For example, the Central Africa province regularly issues claims of specifically targeting Christians in its areas of operations, based on the idea that unless Christians convert to Islam or agree to abide by a dhimmi pact under IS, whereby they pay the jizya poll tax and adhere to various restrictions imposed by IS (an arrangement that notably existed before in Raqqa and the Homs desert town of al-Qaryatayn during IS’s rule in those parts of Syria), then they are not entitled to any protection of life or property and will face consequences. The same approach is also exhibited by the other sub-Saharan affiliates that are operating in areas where Christian populations exist. In the Sahel region, the infighting with al-Qa‘ida is portrayed as a fight against “apostates,” consistent with IS’s position that al-Qa‘ida is an “apostate” organization because of its supposed treachery against Muslims and aid for the enemies of Muslims.
Moreover, when the group’s last “caliph” Abu al-Hasan al-Hashimi al-Qurashi was announced to have been killed and Abu al-Husayn al-Husayni al-Qurashi appointed as his successor, the sub-Saharan affiliates all released visual documentation of their members’ declaring their allegiance to the new “caliph,” despite the fact that the organization has said virtually nothing about his identity, giving him no air of credibility.
There is little evidence to suggest tensions at the present time between these African affiliates and “IS central,” which is likely responsible for appointing or at least approving local nominations of “governors” to oversee these affiliates. The only major known episode of tension in the years since IS first officially declared its expansion into sub-Saharan Africa in 2015 was the split that occurred within the West Africa affiliate between Abu Bakr Shekau (the original leader of the affiliate who was deposed by order of or with the approval of the central leadership and went on to lead his own splinter faction) and those who remained officially affiliated with IS. The split was documented in considerable detail in a book released by leading members of the West Africa affiliate in 2018 characterising Shekau and his followers as “Kharijites” who had to be fought. Shekau’s group was largely dismantled in an offensive launched by the West Africa affiliate in 2021 on the Sambisa Forest area, killing Shekau in the process. However, remnants of Shekau’s group appear to have survived and continue to attack the West Africa province.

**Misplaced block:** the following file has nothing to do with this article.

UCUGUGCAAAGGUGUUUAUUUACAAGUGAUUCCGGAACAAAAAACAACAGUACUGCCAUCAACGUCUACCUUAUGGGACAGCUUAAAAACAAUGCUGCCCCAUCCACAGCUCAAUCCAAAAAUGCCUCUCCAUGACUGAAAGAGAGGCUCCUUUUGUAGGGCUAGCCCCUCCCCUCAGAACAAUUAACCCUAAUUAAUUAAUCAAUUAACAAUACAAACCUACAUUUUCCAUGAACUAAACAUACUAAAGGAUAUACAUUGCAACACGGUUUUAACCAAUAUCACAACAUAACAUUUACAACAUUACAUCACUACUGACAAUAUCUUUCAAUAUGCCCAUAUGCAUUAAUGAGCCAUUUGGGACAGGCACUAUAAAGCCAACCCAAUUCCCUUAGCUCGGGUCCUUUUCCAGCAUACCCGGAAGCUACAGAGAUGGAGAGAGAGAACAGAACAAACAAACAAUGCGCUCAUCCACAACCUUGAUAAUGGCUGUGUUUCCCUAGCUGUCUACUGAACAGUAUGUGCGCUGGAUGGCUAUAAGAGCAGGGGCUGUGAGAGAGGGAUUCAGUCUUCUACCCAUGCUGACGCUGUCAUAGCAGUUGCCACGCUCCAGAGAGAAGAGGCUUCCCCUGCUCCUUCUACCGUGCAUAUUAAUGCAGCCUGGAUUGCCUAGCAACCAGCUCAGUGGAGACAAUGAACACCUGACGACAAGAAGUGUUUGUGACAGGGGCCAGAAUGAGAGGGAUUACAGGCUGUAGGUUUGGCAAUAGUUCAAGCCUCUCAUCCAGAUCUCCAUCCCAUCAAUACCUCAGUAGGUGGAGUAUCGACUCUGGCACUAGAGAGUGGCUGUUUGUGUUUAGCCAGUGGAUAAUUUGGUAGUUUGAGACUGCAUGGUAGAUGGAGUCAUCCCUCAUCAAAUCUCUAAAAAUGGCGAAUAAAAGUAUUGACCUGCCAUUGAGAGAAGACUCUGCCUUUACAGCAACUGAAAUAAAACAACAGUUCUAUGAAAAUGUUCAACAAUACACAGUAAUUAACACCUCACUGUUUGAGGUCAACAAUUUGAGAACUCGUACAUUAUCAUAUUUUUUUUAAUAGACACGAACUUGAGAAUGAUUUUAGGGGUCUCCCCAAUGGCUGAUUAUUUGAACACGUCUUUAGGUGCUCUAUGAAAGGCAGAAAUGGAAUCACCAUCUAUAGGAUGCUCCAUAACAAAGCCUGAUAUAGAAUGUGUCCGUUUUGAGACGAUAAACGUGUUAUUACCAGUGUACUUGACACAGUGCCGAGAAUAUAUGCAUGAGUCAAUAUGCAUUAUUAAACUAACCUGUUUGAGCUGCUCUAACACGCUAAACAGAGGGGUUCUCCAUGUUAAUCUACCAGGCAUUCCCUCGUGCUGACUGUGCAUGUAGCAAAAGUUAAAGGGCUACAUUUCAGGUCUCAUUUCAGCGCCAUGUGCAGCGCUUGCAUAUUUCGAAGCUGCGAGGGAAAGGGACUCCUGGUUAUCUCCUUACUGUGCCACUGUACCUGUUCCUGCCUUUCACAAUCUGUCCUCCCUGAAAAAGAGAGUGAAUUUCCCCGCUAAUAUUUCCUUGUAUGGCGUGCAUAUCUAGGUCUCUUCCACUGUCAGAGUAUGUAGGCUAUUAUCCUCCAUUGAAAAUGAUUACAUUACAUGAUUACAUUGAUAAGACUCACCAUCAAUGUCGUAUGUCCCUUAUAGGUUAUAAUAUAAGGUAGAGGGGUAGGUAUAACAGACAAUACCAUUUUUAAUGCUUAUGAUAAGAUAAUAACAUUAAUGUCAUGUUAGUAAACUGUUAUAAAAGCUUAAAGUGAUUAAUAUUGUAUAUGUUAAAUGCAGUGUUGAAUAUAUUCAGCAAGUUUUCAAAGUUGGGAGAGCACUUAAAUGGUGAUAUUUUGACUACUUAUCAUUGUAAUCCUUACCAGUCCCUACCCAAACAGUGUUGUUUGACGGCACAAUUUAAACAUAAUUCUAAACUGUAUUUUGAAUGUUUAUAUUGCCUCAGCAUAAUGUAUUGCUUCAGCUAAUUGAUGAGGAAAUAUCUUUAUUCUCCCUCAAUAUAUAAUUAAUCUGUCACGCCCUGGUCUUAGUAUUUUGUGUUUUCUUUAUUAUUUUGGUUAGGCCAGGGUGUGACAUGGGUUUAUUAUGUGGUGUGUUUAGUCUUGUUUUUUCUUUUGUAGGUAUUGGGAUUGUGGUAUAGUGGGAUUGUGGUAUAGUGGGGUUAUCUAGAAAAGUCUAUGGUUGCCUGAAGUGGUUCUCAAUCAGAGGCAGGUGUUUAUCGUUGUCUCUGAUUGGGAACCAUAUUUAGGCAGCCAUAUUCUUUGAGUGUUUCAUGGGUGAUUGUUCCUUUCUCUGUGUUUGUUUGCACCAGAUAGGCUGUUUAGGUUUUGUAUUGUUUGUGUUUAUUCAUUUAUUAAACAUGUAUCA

One of the likely reasons for the lack of tensions at present is that IS central ultimately managed to chart a coherent way forward amid the ideological tensions that rocked the group in Iraq and Syria in the period 2016-2019—disputes that were documented most extensively by Cole Bunzel and pertained to issues such as application of takfir (the process of declaring someone else to be an unbeliever). For a time, an internal dissent movement arose within IS central that believed the leadership was moving in an “extremist” direction. The central leadership ceded ground to this internal pressure, issuing a new audio series on the group’s “methodology” and reclaiming the legacy of Turki Bin‘ali, the chief IS “scholar” who was venerated by the dissenters and was killed in an airstrike in 2017. While elements of the internal dissent movement remained unsatisfied and ultimately defected, they have proven unable to turn what remains of “IS central” or its affiliates around the world against the central leadership. Indeed, their output is very infrequent and they seem to have marginalized themselves.
The lack of evidence for ideological tensions between the sub-Saharan affiliates and “IS central” does not exclude the possibility of tensions pertaining to issues such as administrative management and finances, but here too firm evidence for such tensions is lacking. The affiliates largely seem to be left to fend for themselves in terms of financing with “IS central” unable to provide meaningful financial assistance. This arrangement seems to have been accepted by these affiliates, which send regular reports on their activities to “IS central.”
In summary, then, the Islamic State’s sub-Saharan affiliates arguably represent the best hope for the group to continue portraying itself as a force of global relevance and enjoying any sort of success, in marked contrast with its general decline in Iraq and Syria from which it is unlikely to “resurge” for the foreseeable future.
Aymenn Jawad Al-Tamimi is an Arabic translator and editor at Castlereagh Associates, a Middle East-focused consultancy, and a writing fellow at the Middle East Forum. He runs an independent newsletter at aymennaltamimi.substack.com.
 Cole Bunzel, “Ideological Infighting in the Islamic State,” Perspectives on Terrorism, Volume 13, Issue 1 (February 2019), pp. 12-21.